We’re debating over what her name should be. Also, we have to figure out where to hang this before the next fundraiser.

Skol to a big pink man

Bill Holm is a Minnesota writer. A poet mostly, but also a musician it seems. Bill Holm was Minnesota through and through, except for the Icelandic part of him. Bill Holm was someone I only learned about in the last year.

Bill Holm’s memorial was held last night at the Fitzgerald in downtown St. Paul,  and a good time was had by all. The evening was also a fundraiser for the Bill Holm Memorial Fund.

By all accounts, you couldn’t meet the man and not be amazed at something. Someone made a remark how spending five minutes with Bill always made him feel as if his hair might catch on fire. Apparently Bill was explosive, excitable and full of life. He was often referred to as large and  “pink”, or if he was particularly excited, “red.”

There were writers, poets, musicians, singers, old friends, new friends and the literati elite. The whole evening began with a special toast of Bill’s favorite drink: ice-cold Icelandic vodka. 700 shots at once . Skol! Then there were readings, stories, songs and recordings of Bill himself.

There were two things…no, make that three things, that stood out from that evening.

First was Bill’s long-time friend, Robert Bly. Who would’ve thought that an 82-year-old, hippie, beat poet would become the highlight of the evening. Flanked by a guitar player on his right and bongo-like musician on his left, he read pieces honoring his friend, including an original piece he wrote just for the occasion. His hands swaying to the rhythm of the piece and the music, encouraging the drummer to “Come on! Give it to me now!” his words flowed out with energy and humor and love. Everyone in attendance realized we were witnessing a truly unique performance.

Then there was Bill’s friend who told us of their last visit and conversations. Last year Bill had won a major award, which included a hefty check. We heard how just a month before he died, Bill, who had spent a lifetime as a teacher, was exclaiming how excited he was to finally devote himself full time to his writing. I gasped. I moaned. All that time, working to that point, and the door closes.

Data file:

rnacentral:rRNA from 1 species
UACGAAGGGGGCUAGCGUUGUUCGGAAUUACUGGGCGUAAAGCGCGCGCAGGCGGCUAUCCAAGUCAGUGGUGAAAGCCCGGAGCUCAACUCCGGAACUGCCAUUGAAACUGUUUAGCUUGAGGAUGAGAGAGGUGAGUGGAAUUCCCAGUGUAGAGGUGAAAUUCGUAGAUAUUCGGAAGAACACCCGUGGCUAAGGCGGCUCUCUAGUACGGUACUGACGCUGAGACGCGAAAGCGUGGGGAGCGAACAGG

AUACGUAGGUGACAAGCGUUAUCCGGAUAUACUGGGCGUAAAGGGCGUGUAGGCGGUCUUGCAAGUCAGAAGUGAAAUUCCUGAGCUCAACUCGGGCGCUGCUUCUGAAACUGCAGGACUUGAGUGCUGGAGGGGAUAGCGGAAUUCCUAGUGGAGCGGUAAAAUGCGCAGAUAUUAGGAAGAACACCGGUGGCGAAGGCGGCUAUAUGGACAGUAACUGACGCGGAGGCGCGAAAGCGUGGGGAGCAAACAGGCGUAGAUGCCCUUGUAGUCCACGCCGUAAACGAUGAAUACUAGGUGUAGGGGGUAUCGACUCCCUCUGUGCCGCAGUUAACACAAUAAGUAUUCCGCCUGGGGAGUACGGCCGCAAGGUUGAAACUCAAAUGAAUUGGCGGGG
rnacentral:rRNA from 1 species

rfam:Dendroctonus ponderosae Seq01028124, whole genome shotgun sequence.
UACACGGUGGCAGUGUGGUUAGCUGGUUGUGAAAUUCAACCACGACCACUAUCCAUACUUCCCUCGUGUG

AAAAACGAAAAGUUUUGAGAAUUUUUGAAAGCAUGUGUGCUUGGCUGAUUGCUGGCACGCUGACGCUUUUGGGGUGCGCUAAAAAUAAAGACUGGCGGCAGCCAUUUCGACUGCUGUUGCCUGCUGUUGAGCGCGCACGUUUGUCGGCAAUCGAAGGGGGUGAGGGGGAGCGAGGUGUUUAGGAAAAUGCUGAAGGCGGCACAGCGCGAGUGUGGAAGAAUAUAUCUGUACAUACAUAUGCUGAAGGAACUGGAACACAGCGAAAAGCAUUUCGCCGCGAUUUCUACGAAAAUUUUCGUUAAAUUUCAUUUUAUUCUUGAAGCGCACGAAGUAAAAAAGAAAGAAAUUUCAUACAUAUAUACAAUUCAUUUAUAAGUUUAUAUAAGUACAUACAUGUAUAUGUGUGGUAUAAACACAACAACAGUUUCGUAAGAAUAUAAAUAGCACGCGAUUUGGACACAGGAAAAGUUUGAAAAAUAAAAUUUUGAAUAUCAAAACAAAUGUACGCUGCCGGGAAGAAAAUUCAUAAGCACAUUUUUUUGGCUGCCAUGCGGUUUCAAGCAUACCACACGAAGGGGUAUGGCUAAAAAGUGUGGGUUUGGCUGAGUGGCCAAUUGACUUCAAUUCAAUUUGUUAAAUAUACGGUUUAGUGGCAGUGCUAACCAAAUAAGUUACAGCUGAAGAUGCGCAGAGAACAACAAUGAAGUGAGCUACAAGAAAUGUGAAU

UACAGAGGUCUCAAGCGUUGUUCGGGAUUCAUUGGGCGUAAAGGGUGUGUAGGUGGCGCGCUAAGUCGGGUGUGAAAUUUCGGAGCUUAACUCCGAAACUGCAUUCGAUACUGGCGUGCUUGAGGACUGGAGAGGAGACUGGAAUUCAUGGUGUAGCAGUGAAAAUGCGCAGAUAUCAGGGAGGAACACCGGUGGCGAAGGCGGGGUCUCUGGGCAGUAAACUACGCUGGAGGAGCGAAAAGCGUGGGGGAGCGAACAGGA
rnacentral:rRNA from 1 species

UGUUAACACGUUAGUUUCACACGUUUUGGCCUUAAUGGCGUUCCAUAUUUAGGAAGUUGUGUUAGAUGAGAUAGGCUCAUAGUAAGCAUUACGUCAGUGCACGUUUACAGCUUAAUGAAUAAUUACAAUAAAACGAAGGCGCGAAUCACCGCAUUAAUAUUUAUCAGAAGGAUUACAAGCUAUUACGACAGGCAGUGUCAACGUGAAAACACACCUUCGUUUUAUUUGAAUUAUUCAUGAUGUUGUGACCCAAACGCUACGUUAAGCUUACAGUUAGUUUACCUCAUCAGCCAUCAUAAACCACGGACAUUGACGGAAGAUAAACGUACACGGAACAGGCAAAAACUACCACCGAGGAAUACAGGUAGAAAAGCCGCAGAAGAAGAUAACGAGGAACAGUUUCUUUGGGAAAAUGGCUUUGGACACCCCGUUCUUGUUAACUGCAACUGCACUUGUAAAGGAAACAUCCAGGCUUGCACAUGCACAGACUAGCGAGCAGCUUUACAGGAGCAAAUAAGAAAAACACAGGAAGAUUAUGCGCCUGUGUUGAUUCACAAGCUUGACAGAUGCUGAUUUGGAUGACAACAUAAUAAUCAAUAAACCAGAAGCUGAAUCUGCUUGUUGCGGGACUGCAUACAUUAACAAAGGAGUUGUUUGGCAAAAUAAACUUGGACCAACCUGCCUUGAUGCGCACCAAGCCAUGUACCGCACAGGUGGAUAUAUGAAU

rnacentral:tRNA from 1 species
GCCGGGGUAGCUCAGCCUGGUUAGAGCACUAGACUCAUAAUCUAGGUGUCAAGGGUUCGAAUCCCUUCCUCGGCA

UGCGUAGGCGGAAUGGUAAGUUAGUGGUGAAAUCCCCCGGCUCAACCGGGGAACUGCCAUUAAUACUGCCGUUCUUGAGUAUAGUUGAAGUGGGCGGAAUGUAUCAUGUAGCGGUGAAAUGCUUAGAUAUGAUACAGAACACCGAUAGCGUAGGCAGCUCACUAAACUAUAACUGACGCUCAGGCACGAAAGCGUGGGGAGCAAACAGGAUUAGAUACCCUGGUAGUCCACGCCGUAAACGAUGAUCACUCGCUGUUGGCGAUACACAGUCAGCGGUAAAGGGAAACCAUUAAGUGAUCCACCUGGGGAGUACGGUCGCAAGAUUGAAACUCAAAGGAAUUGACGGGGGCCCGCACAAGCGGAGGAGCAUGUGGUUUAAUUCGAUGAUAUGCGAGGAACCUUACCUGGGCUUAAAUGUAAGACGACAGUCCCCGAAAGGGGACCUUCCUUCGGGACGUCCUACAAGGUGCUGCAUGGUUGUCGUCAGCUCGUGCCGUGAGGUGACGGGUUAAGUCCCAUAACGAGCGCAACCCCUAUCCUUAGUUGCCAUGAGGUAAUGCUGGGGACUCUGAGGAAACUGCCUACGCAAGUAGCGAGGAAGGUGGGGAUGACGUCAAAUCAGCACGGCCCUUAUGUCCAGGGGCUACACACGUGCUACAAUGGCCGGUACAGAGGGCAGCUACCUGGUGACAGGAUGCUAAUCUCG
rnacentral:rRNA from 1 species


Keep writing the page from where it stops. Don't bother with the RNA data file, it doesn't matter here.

Finally, there was the New Orleans funeral band. Out they come, taking their place on stage, playing a somber dirge. They wind down off the stage, the house lights rise, they fill the aisle of the historic theater. Bill’s face appears on a large screen, filling the stage, giving the audience a smirky smile out of the corner of his eyes. The song ends. A moment of silence, a smattering of applause and off they go! Jazzing it up, they kick the music up and they wind their way out of the house, out the lobby and the audience follows. By the time we make it there, the crowd has overflowed from the sidewalk and fills most of the street, blocking traffic. The cool spring evening is warmed by the excitement and energy of the friends of Bill, who gathered on and danced and remembered.

I wish I had met the man earlier, more often. He seemed to be bigger than life.

The whole evening will be aired MPR.

Spring Fever and Music and Art

Last night was another outing – this time to a fundraiser for a friend’s choral organization, One Voice, and their annual fundraiser Spring Fever. (The fact that sleet was coming down as we left, and we’ve all woken to a white, damp, thin blanket of snow, has not diminished the spirit of the evening.)

One Voice is a mixed GLBT chorus, and seems to have a very popular following. Sadly, although our good friend works there, we have never seen a performance. We have, however, now become donors. Tickets to the event were not cheap and while there we spent more money on the “heads & tails game” (where you buy strings of beads and basically bet them in a coin toss & last man standing wins $$. We lost.) Plus, we bid on, and won, a sweet little print called Autumn Shrub, by Chris Nelson.


We’ve been talking for way too long about increasing our real art collection, and putting something up on some of these rather bare walls we have. This piece caught the corner of my eye well after we had perused everything, and had pretty much resigned to not bidding. I guess I hadn’t noticed it at first. I like the simplicity and colors. We think it’ll look good with the colors in our house.

Bonus: We didn’t know there was a $30 gift certificate for framing on the back! (That alone should’ve boosted the price – framing isn’t cheap, but $30 off is going to be good.)

more about the evening